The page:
I’ve said before that Halloween is my favourite holiday after Christmas, and I’ll say it again: Halloween is my favourite holiday after Christmas. Although I love a bit of camp and cheese, my favourite kind of Halloween experience is a bit more sophisticated, so when I was asked to a press preview of Lancaster London’s Halloween afternoon tea, I couldn’t say yes fast enough.
London is full of afternoon tea experiences, so to make yours stand out, you have to go that extra mile. Lancaster London strapped on its trainers and headed out for a marathon when it came to putting together this gorgeous themed tea! First of all, the plush surroundings of the tea lounge, with opulent carpets and rich burgundy sofas, are the perfect setting for an indulgent and exquisitely put together tea…
The tea is delivered in an artist’s box which is opened to reveal a fiendishly delicious selection of terrifying treats – complete with dry ice smoke. When the mist clears you’re greeted with a lavishly prepared and delicately produced selection of savoury and sweet morsels. I have to say, this is the gold standard in my opinion when it comes to Halloween treats – everything is thoughtfully put together, looks amazing, and tastes even better.
There are a duo of finger sandwiches – cucumber coffins (brown bread with thinly cut and peeled cucumber, carefully seasoned), and smashed egg and crazy wild cress on blood bread. My mother is somewhat of a cucumber sandwich connoisseur and declared it to be the nicest one she’s ever had.
There’s also a pinwheel sandwich of salmon which has been smoked in the fires of hell – only the finest salmon for the devil it seems, because we could have eaten five of these without blinking. The quartet of sandwiches is rounded out with an open faced axe carved beef on rye, with horseradish.
The horseradish on my first offering was a little scant, but the waiter was more than happy to rush off to the kitchen to produce a more fiery version! There’s also a devilled tartlet encased in the richest, crispest pastry – filled with paprika spiced cream and stuffed with chorizo. This was one of the highlights. I’m actually still thinking about it two weeks later… (Here seems like as good a place as any to mention that at Lancaster London, they make their own bread, jam, pastry and honey, amongst other things!)
Finally, the savoury course was finished off with the fried until dead veggie Scotch egg. With a crispy coating, the sausage is replaced with a mixture of red veggies – I suspect red cabbage, beetroot, red onion and potato, with half a quail’s egg in the centre. All of these were prepared so well I would have happily eaten more – and the waiter, Monir (who was an absolute star!) offered to bring us extras from the kitchen, but afternoon tea is a tricky beast and I’ve never walked away from one feeling like I could have eaten a single thing more. This was no different!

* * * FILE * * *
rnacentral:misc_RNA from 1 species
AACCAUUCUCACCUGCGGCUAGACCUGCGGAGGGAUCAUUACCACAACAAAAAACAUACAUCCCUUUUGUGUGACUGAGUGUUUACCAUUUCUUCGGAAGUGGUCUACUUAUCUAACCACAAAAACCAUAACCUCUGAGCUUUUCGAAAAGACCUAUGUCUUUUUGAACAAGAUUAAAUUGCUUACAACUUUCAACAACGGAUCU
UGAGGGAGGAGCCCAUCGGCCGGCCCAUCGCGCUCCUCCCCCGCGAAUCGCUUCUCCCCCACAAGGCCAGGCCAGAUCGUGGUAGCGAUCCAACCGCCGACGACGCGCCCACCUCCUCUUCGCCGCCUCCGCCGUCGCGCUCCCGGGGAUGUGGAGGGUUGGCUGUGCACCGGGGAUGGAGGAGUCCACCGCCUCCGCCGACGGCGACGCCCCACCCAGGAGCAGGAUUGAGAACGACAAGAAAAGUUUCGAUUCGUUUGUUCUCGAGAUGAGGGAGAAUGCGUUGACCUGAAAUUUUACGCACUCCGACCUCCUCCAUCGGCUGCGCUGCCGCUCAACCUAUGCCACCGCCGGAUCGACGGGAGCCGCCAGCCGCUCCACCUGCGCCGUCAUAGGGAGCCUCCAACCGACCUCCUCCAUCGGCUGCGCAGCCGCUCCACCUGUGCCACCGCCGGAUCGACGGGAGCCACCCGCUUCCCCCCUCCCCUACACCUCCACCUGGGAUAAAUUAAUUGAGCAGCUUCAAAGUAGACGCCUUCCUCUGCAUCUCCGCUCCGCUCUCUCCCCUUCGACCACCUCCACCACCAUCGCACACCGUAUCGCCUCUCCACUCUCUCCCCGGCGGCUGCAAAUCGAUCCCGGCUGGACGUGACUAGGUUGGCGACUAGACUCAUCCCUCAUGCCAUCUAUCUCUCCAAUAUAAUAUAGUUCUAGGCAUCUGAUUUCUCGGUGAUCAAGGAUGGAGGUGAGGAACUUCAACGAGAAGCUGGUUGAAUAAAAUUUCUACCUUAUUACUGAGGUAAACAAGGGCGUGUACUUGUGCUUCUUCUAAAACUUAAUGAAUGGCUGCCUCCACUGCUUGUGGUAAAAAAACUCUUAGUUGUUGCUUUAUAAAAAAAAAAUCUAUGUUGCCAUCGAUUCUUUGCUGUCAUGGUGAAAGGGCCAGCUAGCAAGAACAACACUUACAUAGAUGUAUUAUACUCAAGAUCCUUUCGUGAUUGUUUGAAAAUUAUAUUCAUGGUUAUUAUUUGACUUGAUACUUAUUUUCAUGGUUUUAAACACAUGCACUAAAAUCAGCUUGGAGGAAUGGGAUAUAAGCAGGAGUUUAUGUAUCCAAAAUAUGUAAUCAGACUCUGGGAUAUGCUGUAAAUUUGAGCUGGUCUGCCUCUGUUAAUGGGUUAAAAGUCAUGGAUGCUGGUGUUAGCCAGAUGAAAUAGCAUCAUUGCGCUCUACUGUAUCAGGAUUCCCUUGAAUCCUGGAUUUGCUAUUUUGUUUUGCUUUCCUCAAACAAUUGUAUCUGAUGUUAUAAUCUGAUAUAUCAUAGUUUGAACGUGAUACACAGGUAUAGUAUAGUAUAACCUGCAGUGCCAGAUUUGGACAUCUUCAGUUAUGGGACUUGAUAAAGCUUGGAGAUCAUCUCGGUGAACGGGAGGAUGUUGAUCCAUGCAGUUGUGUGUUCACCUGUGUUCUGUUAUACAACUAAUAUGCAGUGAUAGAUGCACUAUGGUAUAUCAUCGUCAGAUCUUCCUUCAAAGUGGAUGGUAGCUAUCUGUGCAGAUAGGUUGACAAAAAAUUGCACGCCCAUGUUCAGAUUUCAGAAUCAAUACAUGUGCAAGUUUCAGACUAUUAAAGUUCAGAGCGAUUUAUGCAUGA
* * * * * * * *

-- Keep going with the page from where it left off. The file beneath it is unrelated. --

Scones are served in a separate course so they can be delivered fresh from the oven to your plate. There are three varieties of scones – plain, raisin the dead, and pumpkin, which come with tubes of strawberry jam and clotted cream, along with a pot of cremated blood orange marmalade, which was spicy and very sweet, and had a hint of vanilla. The scones were just the right size for a couple of bites, and had a fluffy interior and slightly crunchy exterior. I just loved the tubes of cream and jam, and although they were a clear leftover from the art theme, they still worked well as a kind of laboratory accessory from a mad scientist’s lair…
The final course is a selection of sweets; chocolate graveyard (creamy chocolate mousse topped with graveyard soil made from chocolate and oats, topped with a shortbread tombstone and dark purple viola), spiderweb lollipop (candy floss draped chocolate truffle coated with white chocolate, stuck in a shot glass of coloured sugar), shattered glass cupcakes (a shard of bloodied sugar glass, a chocolate cake topped with airy light buttercream), Frankenstein macaroons (blackberry flavour) and a bloodied finger eclair (with white chocolate and creme patisserie). It was difficult to say which was the best, but I loved the bloodied glass effect on the cake, and how could you not love the severed finger on the eclair!
But, what would afternoon tea be without the tea? Lancaster London serves a selection consisting of 14 blends from Novus Tea, from English breakfast to Dragonwell Green and White Pear and Ginger. The tea is served in beautiful clear teapots and comes with an hourglass to time the brew precisely according to the strength of the leaves.
We were also plied with a glass of Pommery each, which was a thoughtful yet unnecessary bribe (actually, it comes with the champagne afternoon tea – my integrity is intact, promise), which was the perfect accompaniment to the fiendish chicanery that emitted from the kitchen. All of this was served by the wonderful waiter, Monir, who was gamely wearing bloodied chef’s whites and trying his hardest to be devilish.
The Halloween ARTea Afternoon Tea is served at the Lancaster London from 17 October until 31 October, priced at £35 per person. The hotel also does themed afternoon teas including their beautiful ARTea experience, where you’re served pieces of real, edible art, based on paintings on display in the lounge! Check back at their website for more seasonal afternoon teas, tying in with special dates, movie releases and London events.
Find Lancaster London at Lancaster Terrace, London W2 2TY. Reservations on 020 7551 6000 or visit www.lancasterlondon.com.
My Halloween tea experience was part of a press preview. All opinions and photography are my own.